16 Smelliest Foods in the World

Gardener's hands hold thorny durian fruit

Certain foods smell notoriously pungent and have the distinction of being called the world’s stinkiest foods. Don’t let the characterization of a funky smell put you off from trying these foods. Many of these weird-smelling items actually taste quite good. Plenty of these foods are good for you, too. Some provide low-fat protein alternatives, while others aid in digestion!  Smelly foods are usually indicators that they will also have a strong taste. Often, these items taste better than they smell. Others are genuinely unique dishes that have somewhat of an acquired taste. Try these foods at least once if you can for an unforgettable experience.


One of the most widely known stinkest foods, the Durian is a fruit from Southeast Asia with a rank odor.

If you can get past the rotten smell, the flesh inside has a unique texture with sweet and savory notes.

A popular addition to regional desserts, though some varieties are more commonly used in savory preparations. For first-timers, I recommend trying a sweet dish first!

Stinky Tofu

Traditionally this tofu is fermented for months in a brine for several months.

Modern preparations are commonly brined for just a few days. This process gives the tofu enough time to absorb the flavor and foot-like odor.

A popular Chinese street food, Stinky Tofu is often served outdoors and has a complexly meaty flavor with intriguing, funky notes. 


A traditional Japanese food often served for breakfast, Natto contains sticky soybeans fermented with specific bacteria.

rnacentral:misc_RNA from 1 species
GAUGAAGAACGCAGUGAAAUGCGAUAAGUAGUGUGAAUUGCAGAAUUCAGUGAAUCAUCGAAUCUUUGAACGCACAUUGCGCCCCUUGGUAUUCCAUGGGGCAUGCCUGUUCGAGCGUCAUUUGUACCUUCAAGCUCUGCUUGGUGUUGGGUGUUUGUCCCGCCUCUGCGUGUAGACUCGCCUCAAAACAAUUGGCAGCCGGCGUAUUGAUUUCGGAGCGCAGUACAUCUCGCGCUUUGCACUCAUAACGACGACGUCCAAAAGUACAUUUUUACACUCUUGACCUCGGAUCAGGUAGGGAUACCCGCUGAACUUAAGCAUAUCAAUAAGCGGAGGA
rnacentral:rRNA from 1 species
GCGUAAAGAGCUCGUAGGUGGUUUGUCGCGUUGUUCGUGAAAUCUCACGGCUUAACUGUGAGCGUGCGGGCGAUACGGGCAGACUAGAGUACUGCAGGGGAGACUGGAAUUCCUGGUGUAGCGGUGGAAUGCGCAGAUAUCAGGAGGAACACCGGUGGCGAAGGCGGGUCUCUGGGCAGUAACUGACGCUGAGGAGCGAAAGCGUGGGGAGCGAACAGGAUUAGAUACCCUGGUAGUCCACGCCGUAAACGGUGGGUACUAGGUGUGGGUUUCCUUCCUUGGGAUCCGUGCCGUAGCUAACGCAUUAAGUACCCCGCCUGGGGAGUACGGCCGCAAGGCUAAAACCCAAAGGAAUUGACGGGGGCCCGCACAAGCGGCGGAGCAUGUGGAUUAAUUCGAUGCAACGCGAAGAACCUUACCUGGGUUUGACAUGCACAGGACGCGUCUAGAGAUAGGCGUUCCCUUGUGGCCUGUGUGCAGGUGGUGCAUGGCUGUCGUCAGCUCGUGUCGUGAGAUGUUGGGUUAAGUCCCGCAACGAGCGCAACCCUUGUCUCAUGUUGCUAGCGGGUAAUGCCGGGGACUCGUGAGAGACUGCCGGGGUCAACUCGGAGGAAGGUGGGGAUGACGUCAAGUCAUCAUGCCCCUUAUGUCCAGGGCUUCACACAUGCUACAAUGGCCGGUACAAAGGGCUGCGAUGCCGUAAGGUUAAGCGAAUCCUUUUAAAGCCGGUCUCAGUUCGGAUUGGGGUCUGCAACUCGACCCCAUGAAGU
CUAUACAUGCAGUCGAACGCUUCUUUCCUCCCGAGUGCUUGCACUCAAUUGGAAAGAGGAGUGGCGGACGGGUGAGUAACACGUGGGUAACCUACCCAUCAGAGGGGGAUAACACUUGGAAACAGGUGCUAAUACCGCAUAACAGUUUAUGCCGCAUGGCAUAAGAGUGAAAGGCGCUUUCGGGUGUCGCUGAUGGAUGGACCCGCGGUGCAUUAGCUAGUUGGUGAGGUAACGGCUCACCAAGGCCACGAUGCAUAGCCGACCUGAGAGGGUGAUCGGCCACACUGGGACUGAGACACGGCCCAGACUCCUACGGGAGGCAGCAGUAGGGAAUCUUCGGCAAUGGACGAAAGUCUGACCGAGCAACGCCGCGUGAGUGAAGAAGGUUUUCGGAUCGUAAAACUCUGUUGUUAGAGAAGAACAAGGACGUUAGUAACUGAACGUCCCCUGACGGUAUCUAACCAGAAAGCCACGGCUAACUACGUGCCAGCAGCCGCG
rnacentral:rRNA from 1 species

Soft and salty, some compare the taste to soft cheese, and some nutty notes.

I recommend trying a little of this dish at a time, served over rice. Natto is an acquired taste; once you try it, you may start craving it. 


A Swedish fish allowed to ferment with enough salt to prevent decay, Surströmming uses regional Baltic herring.

The fish ferments for at least six months to develop its distinct taste and scent. Swedes usually consume canned fish outdoors to lessen the fishy odor.

My favorite part of eating Swedish Surströmming is the interesting sides that complement the fish, like red onion and fresh herbs. 

Century Egg

These eggs are another well-known stinky food, often featured for their dark color and smell.

A Century Egg is a Chinese dish that preserves eggs in a special mixture for weeks.

The resulting egg loses all of its white color, and parts of the egg break down, creating strange but complex notes.

Bold eaters can try a whole egg, but I suggest starting by eating this egg as an accompaniment to another dish. 


Hákarl turns a poisonous shark into an edible dish through fermentation.

In most cases, I encourage people to try the stinkiest foods, but this fermented shark has a strong ammonia smell that turns most people away.

Only try this dish if you can stomach a fishy but sweet bite with a sharp flavor reminiscent of some cheeses. 


A popular dish in Nordic countries, Lutefisk is popular enough to be a part of the Christmas meal in many homes.

Many people in the United States with Scandanavian heritage also enjoy the fish.

For me, Lutefisk is one of the least stinky of the stinkiest foods on this list.

It does smell salty and almost chemically, but the tender and mild fish is delicious. 

Vieux Boulogne

Considered one of the world’s smelliest cheeses, Vieux Boulogne is a specialty product from Pas-de-Calais, France.